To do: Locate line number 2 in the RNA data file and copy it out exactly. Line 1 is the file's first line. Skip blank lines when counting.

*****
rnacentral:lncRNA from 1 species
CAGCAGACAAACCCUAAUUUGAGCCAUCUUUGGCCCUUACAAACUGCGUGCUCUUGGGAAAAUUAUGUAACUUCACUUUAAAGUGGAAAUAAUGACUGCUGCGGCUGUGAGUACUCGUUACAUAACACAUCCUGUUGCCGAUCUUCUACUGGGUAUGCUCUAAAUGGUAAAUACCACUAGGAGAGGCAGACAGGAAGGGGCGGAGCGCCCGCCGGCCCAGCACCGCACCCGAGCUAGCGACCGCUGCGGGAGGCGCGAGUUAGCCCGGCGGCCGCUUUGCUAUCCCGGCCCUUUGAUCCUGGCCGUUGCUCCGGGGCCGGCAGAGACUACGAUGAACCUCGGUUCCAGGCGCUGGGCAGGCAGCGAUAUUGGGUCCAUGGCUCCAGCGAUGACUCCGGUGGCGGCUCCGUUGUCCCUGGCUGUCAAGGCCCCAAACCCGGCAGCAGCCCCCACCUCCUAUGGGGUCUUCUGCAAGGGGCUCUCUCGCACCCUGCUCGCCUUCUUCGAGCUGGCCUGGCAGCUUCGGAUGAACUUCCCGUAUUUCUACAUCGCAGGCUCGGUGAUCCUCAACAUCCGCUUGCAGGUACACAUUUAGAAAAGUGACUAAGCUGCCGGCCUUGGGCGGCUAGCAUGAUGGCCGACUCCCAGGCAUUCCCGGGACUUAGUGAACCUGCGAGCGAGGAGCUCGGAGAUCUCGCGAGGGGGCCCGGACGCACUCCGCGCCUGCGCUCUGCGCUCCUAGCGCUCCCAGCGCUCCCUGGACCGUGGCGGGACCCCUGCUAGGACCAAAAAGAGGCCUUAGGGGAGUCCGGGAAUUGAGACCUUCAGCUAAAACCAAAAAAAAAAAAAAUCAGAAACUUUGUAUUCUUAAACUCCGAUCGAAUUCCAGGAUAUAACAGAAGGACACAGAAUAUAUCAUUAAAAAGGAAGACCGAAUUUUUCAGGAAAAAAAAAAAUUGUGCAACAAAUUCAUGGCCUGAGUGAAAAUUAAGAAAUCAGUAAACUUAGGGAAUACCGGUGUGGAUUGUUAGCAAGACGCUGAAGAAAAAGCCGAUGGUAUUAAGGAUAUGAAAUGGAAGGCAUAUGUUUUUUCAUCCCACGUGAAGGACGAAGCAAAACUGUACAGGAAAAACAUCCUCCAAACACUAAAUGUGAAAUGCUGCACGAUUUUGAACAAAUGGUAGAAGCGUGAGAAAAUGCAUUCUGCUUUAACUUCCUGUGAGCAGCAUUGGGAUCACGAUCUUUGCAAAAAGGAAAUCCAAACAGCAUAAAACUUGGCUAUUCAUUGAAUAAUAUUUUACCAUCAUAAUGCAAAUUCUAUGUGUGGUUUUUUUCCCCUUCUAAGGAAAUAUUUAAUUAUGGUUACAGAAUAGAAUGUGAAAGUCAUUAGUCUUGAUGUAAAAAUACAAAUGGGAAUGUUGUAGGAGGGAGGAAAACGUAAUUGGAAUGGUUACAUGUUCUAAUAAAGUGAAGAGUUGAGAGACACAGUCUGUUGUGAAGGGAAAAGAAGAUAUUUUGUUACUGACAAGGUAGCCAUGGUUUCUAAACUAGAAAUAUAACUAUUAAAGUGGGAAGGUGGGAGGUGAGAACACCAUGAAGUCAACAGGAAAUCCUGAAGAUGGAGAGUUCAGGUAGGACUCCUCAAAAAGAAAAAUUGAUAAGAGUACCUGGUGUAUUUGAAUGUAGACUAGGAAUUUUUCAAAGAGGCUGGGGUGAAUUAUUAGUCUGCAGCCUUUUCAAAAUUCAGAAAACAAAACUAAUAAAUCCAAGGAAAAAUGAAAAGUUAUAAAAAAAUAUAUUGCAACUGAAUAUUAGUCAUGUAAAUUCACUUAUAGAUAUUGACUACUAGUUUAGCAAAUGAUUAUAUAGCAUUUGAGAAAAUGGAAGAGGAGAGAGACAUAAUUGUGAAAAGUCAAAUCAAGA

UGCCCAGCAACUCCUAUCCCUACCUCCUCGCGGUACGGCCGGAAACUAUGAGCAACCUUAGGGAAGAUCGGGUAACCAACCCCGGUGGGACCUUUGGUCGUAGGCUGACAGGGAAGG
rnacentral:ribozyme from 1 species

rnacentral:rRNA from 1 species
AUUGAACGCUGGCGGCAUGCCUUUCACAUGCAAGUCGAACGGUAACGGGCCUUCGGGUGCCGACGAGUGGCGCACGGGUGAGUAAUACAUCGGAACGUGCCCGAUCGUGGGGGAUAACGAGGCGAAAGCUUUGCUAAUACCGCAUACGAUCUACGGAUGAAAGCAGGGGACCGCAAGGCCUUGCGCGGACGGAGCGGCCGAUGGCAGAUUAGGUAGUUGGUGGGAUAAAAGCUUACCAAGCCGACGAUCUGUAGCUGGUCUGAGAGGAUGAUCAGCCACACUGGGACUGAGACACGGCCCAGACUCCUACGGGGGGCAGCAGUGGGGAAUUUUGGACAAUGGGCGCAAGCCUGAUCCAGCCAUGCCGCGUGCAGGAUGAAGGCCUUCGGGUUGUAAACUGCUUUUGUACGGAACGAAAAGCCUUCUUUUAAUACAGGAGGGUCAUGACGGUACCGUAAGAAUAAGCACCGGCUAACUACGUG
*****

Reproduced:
CAGCAGACAAACCCUAAUUUGAGCCAUCUUUGGCCCUUACAAACUGCGUGCUCUUGGGAAAAUUAUGUAACUUCACUUUAAAGUGGAAAUAAUGACUGCUGCGGCUGUGAGUACUCGUUACAUAACACAUCCUGUUGCCGAUCUUCUACUGGGUAUGCUCUAAAUGGUAAAUACCACUAGGAGAGGCAGACAGGAAGGGGCGGAGCGCCCGCCGGCCCAGCACCGCACCCGAGCUAGCGACCGCUGCGGGAGGCGCGAGUUAGCCCGGCGGCCGCUUUGCUAUCCCGGCCCUUUGAUCCUGGCCGUUGCUCCGGGGCCGGCAGAGACUACGAUGAACCUCGGUUCCAGGCGCUGGGCAGGCAGCGAUAUUGGGUCCAUGGCUCCAGCGAUGACUCCGGUGGCGGCUCCGUUGUCCCUGGCUGUCAAGGCCCCAAACCCGGCAGCAGCCCCCACCUCCUAUGGGGUCUUCUGCAAGGGGCUCUCUCGCACCCUGCUCGCCUUCUUCGAGCUGGCCUGGCAGCUUCGGAUGAACUUCCCGUAUUUCUACAUCGCAGGCUCGGUGAUCCUCAACAUCCGCUUGCAGGUACACAUUUAGAAAAGUGACUAAGCUGCCGGCCUUGGGCGGCUAGCAUGAUGGCCGACUCCCAGGCAUUCCCGGGACUUAGUGAACCUGCGAGCGAGGAGCUCGGAGAUCUCGCGAGGGGGCCCGGACGCACUCCGCGCCUGCGCUCUGCGCUCCUAGCGCUCCCAGCGCUCCCUGGACCGUGGCGGGACCCCUGCUAGGACCAAAAAGAGGCCUUAGGGGAGUCCGGGAAUUGAGACCUUCAGCUAAAACCAAAAAAAAAAAAAAUCAGAAACUUUGUAUUCUUAAACUCCGAUCGAAUUCCAGGAUAUAACAGAAGGACACAGAAUAUAUCAUUAAAAAGGAAGACCGAAUUUUUCAGGAAAAAAAAAAAUUGUGCAACAAAUUCAUGGCCUGAGUGAAAAUUAAGAAAUCAGUAAACUUAGGGAAUACCGGUGUGGAUUGUUAGCAAGACGCUGAAGAAAAAGCCGAUGGUAUUAAGGAUAUGAAAUGGAAGGCAUAUGUUUUUUCAUCCCACGUGAAGGACGAAGCAAAACUGUACAGGAAAAACAUCCUCCAAACACUAAAUGUGAAAUGCUGCACGAUUUUGAACAAAUGGUAGAAGCGUGAGAAAAUGCAUUCUGCUUUAACUUCCUGUGAGCAGCAUUGGGAUCACGAUCUUUGCAAAAAGGAAAUCCAAACAGCAUAAAACUUGGCUAUUCAUUGAAUAAUAUUUUACCAUCAUAAUGCAAAUUCUAUGUGUGGUUUUUUUCCCCUUCUAAGGAAAUAUUUAAUUAUGGUUACAGAAUAGAAUGUGAAAGUCAUUAGUCUUGAUGUAAAAAUACAAAUGGGAAUGUUGUAGGAGGGAGGAAAACGUAAUUGGAAUGGUUACAUGUUCUAAUAAAGUGAAGAGUUGAGAGACACAGUCUGUUGUGAAGGGAAAAGAAGAUAUUUUGUUACUGACAAGGUAGCCAUGGUUUCUAAACUAGAAAUAUAACUAUUAAAGUGGGAAGGUGGGAGGUGAGAACACCAUGAAGUCAACAGGAAAUCCUGAAGAUGGAGAGUUCAGGUAGGACUCCUCAAAAAGAAAAAUUGAUAAGAGUACCUGGUGUAUUUGAAUGUAGACUAGGAAUUUUUCAAAGAGGCUGGGGUGAAUUAUUAGUCUGCAGCCUUUUCAAAAUUCAGAAAACAAAACUAAUAAAUCCAAGGAAAAAUGAAAAGUUAUAAAAAAAUAUAUUGCAACUGAAUAUUAGUCAUGUAAAUUCACUUAUAGAUAUUGACUACUAGUUUAGCAAAUGAUUAUAUAGCAUUUGAGAAAAUGGAAGAGGAGAGAGACAUAAUUGUGAAAAGUCAAAUCAAGA